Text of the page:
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Freaky thinking in business


By Chris Thomason, Author of ‘Freaky Thinking; Thinking that delivers a dazzling difference’

Is our thinking as efficient as it could be, especially on work-related issues? Freaky Thinking turns thinking on its head. It’s a series of techniques integrated into an innovative process that stimulates thinking on important topics when an individual is in their own best thinking place, at their personal best time of day, and (most importantly) when they are alone.

Given the economic, social, and environmental challenges being faced by businesses and individuals today, fresh thinking that delivers new and practical solutions to these challenges is needed. Organisations are facing new and difficult questions they need to answer – or they may just need superior answers to old questions. Whatever the issue, the best solutions always seem blindingly obvious in hindsight, yet they can remain tantalisingly elusive to identify when needed.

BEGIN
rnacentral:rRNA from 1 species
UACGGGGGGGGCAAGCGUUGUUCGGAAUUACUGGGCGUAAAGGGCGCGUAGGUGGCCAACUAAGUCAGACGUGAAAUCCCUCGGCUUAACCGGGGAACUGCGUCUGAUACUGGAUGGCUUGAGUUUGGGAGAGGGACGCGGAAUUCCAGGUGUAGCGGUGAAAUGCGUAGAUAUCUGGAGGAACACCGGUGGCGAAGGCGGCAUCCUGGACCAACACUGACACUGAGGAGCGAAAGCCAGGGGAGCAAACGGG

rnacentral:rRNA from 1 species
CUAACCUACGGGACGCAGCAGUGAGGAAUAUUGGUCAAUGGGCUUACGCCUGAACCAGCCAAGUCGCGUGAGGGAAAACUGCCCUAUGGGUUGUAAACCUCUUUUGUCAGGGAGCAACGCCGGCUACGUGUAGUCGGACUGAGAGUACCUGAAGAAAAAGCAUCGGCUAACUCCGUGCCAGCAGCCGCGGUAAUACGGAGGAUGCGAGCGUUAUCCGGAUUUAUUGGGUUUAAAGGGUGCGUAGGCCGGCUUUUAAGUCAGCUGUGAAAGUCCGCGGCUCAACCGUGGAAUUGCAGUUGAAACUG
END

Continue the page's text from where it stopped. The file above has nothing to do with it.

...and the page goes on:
The Freaky Thinking process is designed to go beyond the realms of conventional wisdom and search for, and identify, pragmatic new ideas that form the valuable solutions needed. It’s the first radically different approach to workplace thinking in the last 70 years.  But how do you ‘do’ it?

If you want to do your very best, and most productive ‘Freaky Thinking’, where do you start?

Doing your best thinking

The best place to begin is by looking at when you do your best thinking. What are you doing when you get your best ideas? Taking a shower? Walking the dog? Driving? Exercising at the gym? I’ve asked this question of thousands of people, and these are the answers I get most frequently. Generally, we’re looking for activities where we’re alone with our thoughts.